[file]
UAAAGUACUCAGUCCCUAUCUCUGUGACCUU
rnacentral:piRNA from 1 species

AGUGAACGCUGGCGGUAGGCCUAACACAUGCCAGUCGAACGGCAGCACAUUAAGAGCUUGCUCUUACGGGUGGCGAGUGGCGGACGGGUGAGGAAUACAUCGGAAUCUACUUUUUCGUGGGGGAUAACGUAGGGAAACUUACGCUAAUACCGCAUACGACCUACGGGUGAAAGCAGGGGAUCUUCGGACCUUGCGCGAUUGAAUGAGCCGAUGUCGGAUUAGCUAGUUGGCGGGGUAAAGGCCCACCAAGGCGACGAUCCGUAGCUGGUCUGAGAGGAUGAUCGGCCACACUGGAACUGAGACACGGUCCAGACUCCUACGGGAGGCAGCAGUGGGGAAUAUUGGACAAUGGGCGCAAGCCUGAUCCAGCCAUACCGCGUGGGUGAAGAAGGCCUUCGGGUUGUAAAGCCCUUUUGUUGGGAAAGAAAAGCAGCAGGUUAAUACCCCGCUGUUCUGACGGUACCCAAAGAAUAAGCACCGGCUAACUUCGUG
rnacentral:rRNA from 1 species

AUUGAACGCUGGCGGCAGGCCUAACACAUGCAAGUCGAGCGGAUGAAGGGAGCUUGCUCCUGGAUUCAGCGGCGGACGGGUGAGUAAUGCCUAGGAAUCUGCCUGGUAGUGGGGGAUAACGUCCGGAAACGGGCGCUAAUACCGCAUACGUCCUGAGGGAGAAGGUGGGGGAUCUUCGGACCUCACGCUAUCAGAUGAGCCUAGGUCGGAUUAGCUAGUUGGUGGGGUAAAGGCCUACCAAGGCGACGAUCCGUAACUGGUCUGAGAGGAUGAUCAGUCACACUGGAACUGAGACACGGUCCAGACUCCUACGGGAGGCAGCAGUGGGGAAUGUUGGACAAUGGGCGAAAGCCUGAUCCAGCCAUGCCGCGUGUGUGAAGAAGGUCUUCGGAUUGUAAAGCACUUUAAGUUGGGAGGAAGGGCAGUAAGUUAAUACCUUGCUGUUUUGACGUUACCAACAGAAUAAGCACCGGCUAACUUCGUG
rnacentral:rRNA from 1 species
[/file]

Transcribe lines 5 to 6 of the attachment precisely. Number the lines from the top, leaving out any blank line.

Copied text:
AUUGAACGCUGGCGGCAGGCCUAACACAUGCAAGUCGAGCGGAUGAAGGGAGCUUGCUCCUGGAUUCAGCGGCGGACGGGUGAGUAAUGCCUAGGAAUCUGCCUGGUAGUGGGGGAUAACGUCCGGAAACGGGCGCUAAUACCGCAUACGUCCUGAGGGAGAAGGUGGGGGAUCUUCGGACCUCACGCUAUCAGAUGAGCCUAGGUCGGAUUAGCUAGUUGGUGGGGUAAAGGCCUACCAAGGCGACGAUCCGUAACUGGUCUGAGAGGAUGAUCAGUCACACUGGAACUGAGACACGGUCCAGACUCCUACGGGAGGCAGCAGUGGGGAAUGUUGGACAAUGGGCGAAAGCCUGAUCCAGCCAUGCCGCGUGUGUGAAGAAGGUCUUCGGAUUGUAAAGCACUUUAAGUUGGGAGGAAGGGCAGUAAGUUAAUACCUUGCUGUUUUGACGUUACCAACAGAAUAAGCACCGGCUAACUUCGUG
rnacentral:rRNA from 1 species